Maybe it’s just as well the sponsor dropped out, so when Rockland County still names a track and field coach of the year each winter and spring, plaques no longer are awarded.
After all, wall space is limited in Gene and Lonnie Dall’s Tomkins Cove home.
With rival coaches invited for barbecues, disadvantaged kids sometimes taken in and foreign athletes having been lodged (including two Russian future Olympic pole vaulters and their coaches whom the KGB monitored during their stay), the Dall residence is more home than house.
But it has a Hall of Fame air with sports photos and posters; son Ryan’s pole vaulting ribbons and medals; and Gene’s coaching plaques.
Dall, 69, has been Rockland coach of the year 36 times.
He retired as a North Rockland physical education teacher in 2001. He sometimes talks of packing for Texas to be near Ryan, Texas A&M-Kingsville’s track and field coach, and Ryan’s wife and their two daughters.
But not just yet.
“If you retire and do nothing, you’re putting one foot in the grave and I really enjoy it. It’s still fun,” Dall said.
Coach inspired him
Track and field is where he has made his name. He was inducted last year into the Rockland County Track & Field Hall of Fame. But he has also coached football, baseball, softball and wrestling, the latter when student teaching while attending Ithaca College, where he played football and threw the shot and discus.
“My idea when I came out of college is I would be the world’s greatest football coach,” he said.
But this winter will mark the start of his 47th year coaching North Rockland track and field.
If he had a do-over button much would remain the same.
That includes attending high school in New Milford, New Jersey, where track coach Bill Monahan changed lives, including Dall’s. Everyone was treated equally. Everyone was greeted in hallways, including a shy kid from a Catholic elementary school who needed inclusion.
Monahan won 110 straight dual meets without a school track. Dall trained throwing from a school patio.
“He made you know not to let anything stand in the way,” Dall said.
Noting he has emulated Monahan, who died last year, he quipped, “I guess it’s worked.”
Dall’s advantage has been a big school and supportive administration. But he has also succeeded by bucking trends and sticking with quality-over-quantity training.
He has coached state and national champions, including Ryan, now 40. He also coached his daughter, Shelley, 33, who works in New Orleans in television and movie production; and adopted son Dasheen Ellis, one of NY’s best triple jumpers in 2009. A culinary school graduate, he’s employed by a top New Orleans restaurant.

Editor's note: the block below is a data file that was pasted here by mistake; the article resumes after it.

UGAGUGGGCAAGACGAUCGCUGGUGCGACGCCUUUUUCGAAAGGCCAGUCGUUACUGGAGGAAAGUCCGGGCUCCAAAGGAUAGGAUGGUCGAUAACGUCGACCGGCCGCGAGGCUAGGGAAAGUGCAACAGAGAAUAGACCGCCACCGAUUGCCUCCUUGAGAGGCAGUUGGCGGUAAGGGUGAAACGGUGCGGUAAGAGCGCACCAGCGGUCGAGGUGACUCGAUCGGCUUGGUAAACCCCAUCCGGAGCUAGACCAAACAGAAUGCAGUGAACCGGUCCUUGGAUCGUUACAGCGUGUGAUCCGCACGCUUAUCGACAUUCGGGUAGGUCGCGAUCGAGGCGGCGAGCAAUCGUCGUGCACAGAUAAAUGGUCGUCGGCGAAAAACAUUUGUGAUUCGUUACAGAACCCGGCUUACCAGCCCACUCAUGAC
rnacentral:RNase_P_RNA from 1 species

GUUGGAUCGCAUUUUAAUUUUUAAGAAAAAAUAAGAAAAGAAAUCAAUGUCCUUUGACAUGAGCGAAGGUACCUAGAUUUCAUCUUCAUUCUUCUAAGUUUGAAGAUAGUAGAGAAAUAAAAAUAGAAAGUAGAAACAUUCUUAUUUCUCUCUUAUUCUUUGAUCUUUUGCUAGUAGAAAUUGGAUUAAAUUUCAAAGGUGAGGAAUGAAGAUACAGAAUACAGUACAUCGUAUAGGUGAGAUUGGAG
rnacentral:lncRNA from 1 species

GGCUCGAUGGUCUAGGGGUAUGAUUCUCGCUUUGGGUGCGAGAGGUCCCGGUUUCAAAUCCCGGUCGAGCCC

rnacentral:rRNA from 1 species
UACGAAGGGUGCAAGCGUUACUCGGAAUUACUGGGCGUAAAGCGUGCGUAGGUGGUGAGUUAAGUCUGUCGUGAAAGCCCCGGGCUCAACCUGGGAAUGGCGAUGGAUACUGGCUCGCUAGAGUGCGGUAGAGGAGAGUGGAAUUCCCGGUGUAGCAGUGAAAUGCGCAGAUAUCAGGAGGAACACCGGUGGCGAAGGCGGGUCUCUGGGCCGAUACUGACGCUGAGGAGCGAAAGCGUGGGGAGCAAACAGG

Coaching his kids was great fun. But he’s most proud of his teams “rising to the challenge and winning over the years.”
Many of Dall’s athletes have competed in college. Some have become coaches.
Dall’s own parents didn’t go to high school. His father, a plasterer, did Radio City Music Hall’s decorative ceiling work. But his parents took loans, insisting he go to college.
He’s lucky, he said.
But athletes have died. He remembers their names and their personalities just as much as their performances.
And Gene and Lonnie lost their first child, Michelle, in an April 1980 car accident that severely injured Lonnie and killed her mother and great aunt. Michelle was 6.
“I don’t remember coaching that spring until the state meet,” Dall said.
That was when Todd Sinclair, who lived in a local group home, won the 1,600 at the wire.
“He throws his body across the finish. 4:09,” Dall said, remembering his time and Sinclair, a future University of Florida record-setter, running to him.
“‘This is for you,’ he said, hugging me,” Dall recalled.
It wasn’t easy for Gene, or Lonnie, a former teacher, coach and official. But they moved forward.
Between the track kids, close friends, and Boris, their talented-sprinter rescue dog, they don’t lack local family.
So Dall’s staying put for now with more coaching awards clearly on the horizon.
His to-do list?
“It’s just to keep everything going the way it has,” he said. Then he paused and rethought things. “Well,” he said, “we haven’t had an Olympian yet. That would be nice.”